Éamon Ó Cuív has announced that he intends to stay in Fianna Fáil, but will make no further comment on the fiscal treaty referendum.

Deputy Ó Cuív had been warned not to campaign against the treaty by the party leadership.

Speaking to journalists at Leinster House, Deputy Ó Cuív repeated his criticism of the treaty, and of what he called "a badly designed monetary union".

However, he said he was faced with a choice to keep his views quiet, or leave the party.

Mr Ó Cuív said it was one of the most difficult decisions of his political career.

He said he saw no party other than Fianna Fáil to represent his views.

The weekend events in France and Greece showed the people of Europe do not agree that there is only one way forward, he added.

Mr Ó Cuív said in February that he would be voting against the treaty and resigned as deputy leader and communications spokesperson.

Mr Ó Cuív received a letter at the weekend from party whip Seán Ó Fearghaíl asking him to refrain from media interviews campaigning for a No vote in the fiscal treaty referendum.

Mr Ó Cuív said the letter had a clear implication that he would have to leave the party if he did not accept its contents.

However, Mr Ó Fearghaíl said the letter did not mention potential expulsion.

Speaking on RTÉ's Six One, Mr Ó Cuív said he believes the treaty is one of the biggest decisions the country is going to make.

In weighing up his decision to stay in Fianna Fáil, he said he looked at the long-term achievements he might make in politics in terms of policies and he believed it is through a party like Fianna Fáil that he will make his contribution.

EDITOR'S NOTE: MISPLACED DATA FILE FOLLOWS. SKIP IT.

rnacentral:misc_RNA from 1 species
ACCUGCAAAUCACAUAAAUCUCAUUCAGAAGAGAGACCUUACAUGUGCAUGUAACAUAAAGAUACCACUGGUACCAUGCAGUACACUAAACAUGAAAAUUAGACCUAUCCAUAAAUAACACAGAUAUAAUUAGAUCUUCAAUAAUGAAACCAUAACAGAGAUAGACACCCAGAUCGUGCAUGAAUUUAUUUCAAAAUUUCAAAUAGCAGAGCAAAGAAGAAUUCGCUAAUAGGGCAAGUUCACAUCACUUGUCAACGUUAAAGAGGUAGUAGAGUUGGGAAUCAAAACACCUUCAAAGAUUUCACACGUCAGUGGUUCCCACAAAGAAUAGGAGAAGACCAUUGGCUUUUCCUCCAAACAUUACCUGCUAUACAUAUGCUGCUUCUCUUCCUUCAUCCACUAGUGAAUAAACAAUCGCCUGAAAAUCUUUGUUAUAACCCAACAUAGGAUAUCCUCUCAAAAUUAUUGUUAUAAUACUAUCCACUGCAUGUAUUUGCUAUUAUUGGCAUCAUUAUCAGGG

Mr Ó Cuív revealed that, other than a few texts, there had been no communication with the party leadership since he received a letter from them last Friday as he reached his decision.

Mr Ó Cuív said he would never have questioned his position with Fianna Fáil in the past, but in recent times he was very concerned about being silenced on the issue of the treaty.

He said he was particularly swayed by large numbers of Fianna Fáil supporters and members who were like-minded with him, and wanted him to stay.

He said differences in opinion were the life and blood of political parties and he would continue to voice his opinions on issues within the party.

He will await instructions from his party leadership on whether he needs to remove some material relating to the treaty from his website, he added.

Fianna Fáil Chief Whip Seán Ó Fearghaíl has welcomed the Galway West TD's decision.

A statement from Mr Ó Fearghaíl said: "I would like to acknowledge and welcome my party colleague Éamon Ó Cuív's confirmation that he will remain a member of Fianna Fáil and will not be campaigning against the party in the referendum campaign.

"We welcome this clarity and Éamon's determination to play a constructive role in the renewal of the party."